ABERDEEN — Channing Ward is used to the attention.
Ever since Ward arrived at Aberdeen High School, he attracted the interest of numerous colleges that fell in love with his potential at a variety of positions.
This season, Ward played expanded roles on offense and defense in an attempt to help the Bulldogs make a run at a third-straight trip to Jackson, the site of the state title games.
Aberdeen fell short of that goal, losing to Charleston in the third round of the Class 3A North State playoffs, but Ward made his presence on both sides of the ball. He made his biggest impact on defense, registering 116 tackles and 16 sacks while playing on the line, at linebacker, and in the secondary.
“I think Channing had a good year,” Aberdeen coach Chris Duncan said. “We didn’t win as many games as we wanted, but I think he grew up a lot. He was forced to be a leader with the situation we were in, and I think it helped him mature as a football player and as a young man. That was the most positive thing I saw this year.”
For his accomplishments, Ward is The Dispatch’s Defensive Player of the Year.
Ward isn’t sure what position he will play in college or where he will play football, but he is excited about elevating his game.
“You always look to be a dominant player, but you look to where you can help that team the most,” Ward said.
Ward admitted he felt he helped an experienced Aberdeen defense dictate the tempo with an attacking, swarming style of play. Duncan and the coaches maximized the threat of Ward wreaking havoc on a play by moving him to several positions so defenses always had to be aware of the speed-rushing threat.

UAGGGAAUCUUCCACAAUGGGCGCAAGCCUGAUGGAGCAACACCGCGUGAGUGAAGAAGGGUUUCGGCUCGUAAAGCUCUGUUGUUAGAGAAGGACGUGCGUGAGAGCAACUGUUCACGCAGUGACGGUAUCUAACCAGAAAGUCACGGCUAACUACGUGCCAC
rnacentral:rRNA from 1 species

Ward believes he may get a chance to hone those skills in college. At 6-foot-4, 255 pounds, Ward has plenty of room left to mature physically. With explosive speed off the ball, Ward could be a dangerous weapon off the edge at linebacker or as a lineman a defense could be used to disrupt an offense.
Ward did his share of disrupting defenses, too. Moved to running back, Ward rushed for two scores and caught a touchdown pass in a 63-0 victory against South Pontotoc. Ward admitted in October he didn’t learn he was going to play running back until about two hours before the game. He said he thought his coaches were joking.
Playing big roles on both sides of the ball didn’t slow Ward down. He said he was in “way better shape” than he was as a junior. He also said he felt a lot stronger.
“I would give myself a ‘B’ because we didn’t finish like we were supposed to finish,” Ward said. “There was a lot of stuff I could have done and changed, but it is too late now.”
Ward will take the Bulldogs’ 7-6 record as motivation into the offseason. He isn’t sure how he is going to handle the next few months that will be filled with phone calls and all sorts of correspondences from coaching asking, “Where is Channing Ward going to go?”
Ward said he will try to have fun with the recruiting process. He said his speed is an asset that could help him at linebacker or at tight end. With players at that position in college and in the NFL emerging as dominant players, Ward is willing to go in either direction on offense or defense if it means he will be able to help him take the next step and move him closer to his ultimate goal of playing professional football.
“That is my main goal (getting to the NFL),” Ward said, “but I still have to go through college and get through all of that stuff before you get there. It is going to be a big challenge because nothing in the world is easy. I am going to have to work hard and keep grinding and hope it comes after that.”
Adam Minichino is the former Sports Editor for The Commercial Dispatch.
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